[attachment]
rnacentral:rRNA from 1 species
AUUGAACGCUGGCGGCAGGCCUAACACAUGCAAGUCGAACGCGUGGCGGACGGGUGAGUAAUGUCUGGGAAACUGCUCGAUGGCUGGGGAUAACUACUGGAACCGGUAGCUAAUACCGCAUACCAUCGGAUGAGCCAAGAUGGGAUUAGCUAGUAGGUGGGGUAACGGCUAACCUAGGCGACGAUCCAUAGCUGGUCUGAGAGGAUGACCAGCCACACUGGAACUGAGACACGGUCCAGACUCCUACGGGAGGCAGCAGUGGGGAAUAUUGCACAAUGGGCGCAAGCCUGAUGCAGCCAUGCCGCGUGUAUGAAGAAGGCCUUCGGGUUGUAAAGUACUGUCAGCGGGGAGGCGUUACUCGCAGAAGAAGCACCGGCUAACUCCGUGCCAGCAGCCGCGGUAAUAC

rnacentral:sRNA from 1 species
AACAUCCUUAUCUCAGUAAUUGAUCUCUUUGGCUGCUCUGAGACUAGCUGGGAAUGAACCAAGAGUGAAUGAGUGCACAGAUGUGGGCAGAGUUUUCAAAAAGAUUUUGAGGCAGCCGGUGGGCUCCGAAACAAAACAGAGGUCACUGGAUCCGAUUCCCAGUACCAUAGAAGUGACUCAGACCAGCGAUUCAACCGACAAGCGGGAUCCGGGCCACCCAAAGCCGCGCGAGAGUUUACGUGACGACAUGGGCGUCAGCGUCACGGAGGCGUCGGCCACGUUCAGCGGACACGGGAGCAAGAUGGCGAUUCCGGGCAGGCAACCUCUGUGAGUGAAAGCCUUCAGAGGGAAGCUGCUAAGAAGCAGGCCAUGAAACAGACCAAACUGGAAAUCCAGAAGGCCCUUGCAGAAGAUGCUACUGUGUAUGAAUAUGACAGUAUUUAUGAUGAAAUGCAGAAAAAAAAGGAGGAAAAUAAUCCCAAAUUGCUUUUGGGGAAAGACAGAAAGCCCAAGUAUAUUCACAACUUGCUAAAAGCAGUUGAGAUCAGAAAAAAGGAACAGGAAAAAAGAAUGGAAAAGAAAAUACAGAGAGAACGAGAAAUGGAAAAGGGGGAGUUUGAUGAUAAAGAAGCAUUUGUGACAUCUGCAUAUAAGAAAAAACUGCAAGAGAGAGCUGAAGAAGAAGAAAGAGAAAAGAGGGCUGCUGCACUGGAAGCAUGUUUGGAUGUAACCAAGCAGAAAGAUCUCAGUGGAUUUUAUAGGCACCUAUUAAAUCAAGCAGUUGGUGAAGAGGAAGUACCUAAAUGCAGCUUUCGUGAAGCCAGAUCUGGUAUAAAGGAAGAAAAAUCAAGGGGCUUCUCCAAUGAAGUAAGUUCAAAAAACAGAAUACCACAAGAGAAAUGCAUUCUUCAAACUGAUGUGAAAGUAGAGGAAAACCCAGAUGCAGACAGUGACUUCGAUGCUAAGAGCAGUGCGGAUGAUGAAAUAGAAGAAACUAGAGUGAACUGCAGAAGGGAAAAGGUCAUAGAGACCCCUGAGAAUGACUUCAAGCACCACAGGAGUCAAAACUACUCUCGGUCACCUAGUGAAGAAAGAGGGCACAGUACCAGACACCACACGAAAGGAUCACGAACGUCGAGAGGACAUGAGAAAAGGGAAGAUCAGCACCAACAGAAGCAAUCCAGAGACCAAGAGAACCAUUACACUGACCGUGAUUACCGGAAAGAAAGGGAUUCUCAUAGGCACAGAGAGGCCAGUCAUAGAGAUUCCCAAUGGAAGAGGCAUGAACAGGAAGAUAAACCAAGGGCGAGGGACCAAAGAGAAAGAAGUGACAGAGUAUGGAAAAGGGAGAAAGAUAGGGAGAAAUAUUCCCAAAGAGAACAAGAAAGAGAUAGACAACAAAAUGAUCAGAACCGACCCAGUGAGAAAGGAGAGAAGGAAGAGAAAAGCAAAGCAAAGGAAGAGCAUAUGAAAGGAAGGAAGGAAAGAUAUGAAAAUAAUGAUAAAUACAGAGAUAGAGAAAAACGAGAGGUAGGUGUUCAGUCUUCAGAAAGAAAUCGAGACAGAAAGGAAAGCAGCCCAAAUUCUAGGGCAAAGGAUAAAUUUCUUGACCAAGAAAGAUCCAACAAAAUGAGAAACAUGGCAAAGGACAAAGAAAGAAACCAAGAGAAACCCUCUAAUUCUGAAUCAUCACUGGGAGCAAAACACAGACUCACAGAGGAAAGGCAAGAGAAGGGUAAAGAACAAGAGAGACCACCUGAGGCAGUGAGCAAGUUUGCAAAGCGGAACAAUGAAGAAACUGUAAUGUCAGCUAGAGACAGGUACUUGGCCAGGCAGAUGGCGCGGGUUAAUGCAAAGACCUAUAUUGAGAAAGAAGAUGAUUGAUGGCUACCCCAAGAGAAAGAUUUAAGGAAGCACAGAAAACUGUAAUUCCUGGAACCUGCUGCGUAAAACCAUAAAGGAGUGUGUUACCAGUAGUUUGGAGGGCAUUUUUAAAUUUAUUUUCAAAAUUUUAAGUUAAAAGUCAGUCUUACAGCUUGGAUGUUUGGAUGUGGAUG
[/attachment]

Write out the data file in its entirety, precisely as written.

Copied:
rnacentral:rRNA from 1 species
AUUGAACGCUGGCGGCAGGCCUAACACAUGCAAGUCGAACGCGUGGCGGACGGGUGAGUAAUGUCUGGGAAACUGCUCGAUGGCUGGGGAUAACUACUGGAACCGGUAGCUAAUACCGCAUACCAUCGGAUGAGCCAAGAUGGGAUUAGCUAGUAGGUGGGGUAACGGCUAACCUAGGCGACGAUCCAUAGCUGGUCUGAGAGGAUGACCAGCCACACUGGAACUGAGACACGGUCCAGACUCCUACGGGAGGCAGCAGUGGGGAAUAUUGCACAAUGGGCGCAAGCCUGAUGCAGCCAUGCCGCGUGUAUGAAGAAGGCCUUCGGGUUGUAAAGUACUGUCAGCGGGGAGGCGUUACUCGCAGAAGAAGCACCGGCUAACUCCGUGCCAGCAGCCGCGGUAAUAC

rnacentral:sRNA from 1 species
AACAUCCUUAUCUCAGUAAUUGAUCUCUUUGGCUGCUCUGAGACUAGCUGGGAAUGAACCAAGAGUGAAUGAGUGCACAGAUGUGGGCAGAGUUUUCAAAAAGAUUUUGAGGCAGCCGGUGGGCUCCGAAACAAAACAGAGGUCACUGGAUCCGAUUCCCAGUACCAUAGAAGUGACUCAGACCAGCGAUUCAACCGACAAGCGGGAUCCGGGCCACCCAAAGCCGCGCGAGAGUUUACGUGACGACAUGGGCGUCAGCGUCACGGAGGCGUCGGCCACGUUCAGCGGACACGGGAGCAAGAUGGCGAUUCCGGGCAGGCAACCUCUGUGAGUGAAAGCCUUCAGAGGGAAGCUGCUAAGAAGCAGGCCAUGAAACAGACCAAACUGGAAAUCCAGAAGGCCCUUGCAGAAGAUGCUACUGUGUAUGAAUAUGACAGUAUUUAUGAUGAAAUGCAGAAAAAAAAGGAGGAAAAUAAUCCCAAAUUGCUUUUGGGGAAAGACAGAAAGCCCAAGUAUAUUCACAACUUGCUAAAAGCAGUUGAGAUCAGAAAAAAGGAACAGGAAAAAAGAAUGGAAAAGAAAAUACAGAGAGAACGAGAAAUGGAAAAGGGGGAGUUUGAUGAUAAAGAAGCAUUUGUGACAUCUGCAUAUAAGAAAAAACUGCAAGAGAGAGCUGAAGAAGAAGAAAGAGAAAAGAGGGCUGCUGCACUGGAAGCAUGUUUGGAUGUAACCAAGCAGAAAGAUCUCAGUGGAUUUUAUAGGCACCUAUUAAAUCAAGCAGUUGGUGAAGAGGAAGUACCUAAAUGCAGCUUUCGUGAAGCCAGAUCUGGUAUAAAGGAAGAAAAAUCAAGGGGCUUCUCCAAUGAAGUAAGUUCAAAAAACAGAAUACCACAAGAGAAAUGCAUUCUUCAAACUGAUGUGAAAGUAGAGGAAAACCCAGAUGCAGACAGUGACUUCGAUGCUAAGAGCAGUGCGGAUGAUGAAAUAGAAGAAACUAGAGUGAACUGCAGAAGGGAAAAGGUCAUAGAGACCCCUGAGAAUGACUUCAAGCACCACAGGAGUCAAAACUACUCUCGGUCACCUAGUGAAGAAAGAGGGCACAGUACCAGACACCACACGAAAGGAUCACGAACGUCGAGAGGACAUGAGAAAAGGGAAGAUCAGCACCAACAGAAGCAAUCCAGAGACCAAGAGAACCAUUACACUGACCGUGAUUACCGGAAAGAAAGGGAUUCUCAUAGGCACAGAGAGGCCAGUCAUAGAGAUUCCCAAUGGAAGAGGCAUGAACAGGAAGAUAAACCAAGGGCGAGGGACCAAAGAGAAAGAAGUGACAGAGUAUGGAAAAGGGAGAAAGAUAGGGAGAAAUAUUCCCAAAGAGAACAAGAAAGAGAUAGACAACAAAAUGAUCAGAACCGACCCAGUGAGAAAGGAGAGAAGGAAGAGAAAAGCAAAGCAAAGGAAGAGCAUAUGAAAGGAAGGAAGGAAAGAUAUGAAAAUAAUGAUAAAUACAGAGAUAGAGAAAAACGAGAGGUAGGUGUUCAGUCUUCAGAAAGAAAUCGAGACAGAAAGGAAAGCAGCCCAAAUUCUAGGGCAAAGGAUAAAUUUCUUGACCAAGAAAGAUCCAACAAAAUGAGAAACAUGGCAAAGGACAAAGAAAGAAACCAAGAGAAACCCUCUAAUUCUGAAUCAUCACUGGGAGCAAAACACAGACUCACAGAGGAAAGGCAAGAGAAGGGUAAAGAACAAGAGAGACCACCUGAGGCAGUGAGCAAGUUUGCAAAGCGGAACAAUGAAGAAACUGUAAUGUCAGCUAGAGACAGGUACUUGGCCAGGCAGAUGGCGCGGGUUAAUGCAAAGACCUAUAUUGAGAAAGAAGAUGAUUGAUGGCUACCCCAAGAGAAAGAUUUAAGGAAGCACAGAAAACUGUAAUUCCUGGAACCUGCUGCGUAAAACCAUAAAGGAGUGUGUUACCAGUAGUUUGGAGGGCAUUUUUAAAUUUAUUUUCAAAAUUUUAAGUUAAAAGUCAGUCUUACAGCUUGGAUGUUUGGAUGUGGAUG